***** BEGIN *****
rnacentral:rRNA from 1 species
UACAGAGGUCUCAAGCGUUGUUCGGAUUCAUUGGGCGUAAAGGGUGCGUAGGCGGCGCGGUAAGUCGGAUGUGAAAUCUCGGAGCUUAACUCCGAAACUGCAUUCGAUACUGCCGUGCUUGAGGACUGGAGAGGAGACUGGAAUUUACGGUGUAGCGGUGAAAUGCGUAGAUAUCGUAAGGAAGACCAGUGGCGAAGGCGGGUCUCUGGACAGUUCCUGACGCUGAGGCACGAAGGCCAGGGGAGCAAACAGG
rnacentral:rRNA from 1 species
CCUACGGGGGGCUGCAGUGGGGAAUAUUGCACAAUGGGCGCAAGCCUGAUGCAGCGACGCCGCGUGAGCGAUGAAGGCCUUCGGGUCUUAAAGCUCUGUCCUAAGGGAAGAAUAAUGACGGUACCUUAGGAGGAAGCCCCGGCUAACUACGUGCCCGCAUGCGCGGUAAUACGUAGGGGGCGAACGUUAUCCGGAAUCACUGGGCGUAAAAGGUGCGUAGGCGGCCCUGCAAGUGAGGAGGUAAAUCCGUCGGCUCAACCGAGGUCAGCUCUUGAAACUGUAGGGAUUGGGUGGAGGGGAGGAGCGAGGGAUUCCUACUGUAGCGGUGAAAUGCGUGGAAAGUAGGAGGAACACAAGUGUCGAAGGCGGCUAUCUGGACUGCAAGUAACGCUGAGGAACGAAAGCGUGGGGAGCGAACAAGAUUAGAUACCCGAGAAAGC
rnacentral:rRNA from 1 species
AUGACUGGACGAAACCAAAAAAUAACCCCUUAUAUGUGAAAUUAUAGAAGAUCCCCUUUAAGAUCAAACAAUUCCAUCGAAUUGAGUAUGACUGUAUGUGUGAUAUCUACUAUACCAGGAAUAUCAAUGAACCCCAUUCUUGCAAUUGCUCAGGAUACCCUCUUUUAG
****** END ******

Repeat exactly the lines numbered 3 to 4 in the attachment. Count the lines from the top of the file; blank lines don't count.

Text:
rnacentral:rRNA from 1 species
CCUACGGGGGGCUGCAGUGGGGAAUAUUGCACAAUGGGCGCAAGCCUGAUGCAGCGACGCCGCGUGAGCGAUGAAGGCCUUCGGGUCUUAAAGCUCUGUCCUAAGGGAAGAAUAAUGACGGUACCUUAGGAGGAAGCCCCGGCUAACUACGUGCCCGCAUGCGCGGUAAUACGUAGGGGGCGAACGUUAUCCGGAAUCACUGGGCGUAAAAGGUGCGUAGGCGGCCCUGCAAGUGAGGAGGUAAAUCCGUCGGCUCAACCGAGGUCAGCUCUUGAAACUGUAGGGAUUGGGUGGAGGGGAGGAGCGAGGGAUUCCUACUGUAGCGGUGAAAUGCGUGGAAAGUAGGAGGAACACAAGUGUCGAAGGCGGCUAUCUGGACUGCAAGUAACGCUGAGGAACGAAAGCGUGGGGAGCGAACAAGAUUAGAUACCCGAGAAAGC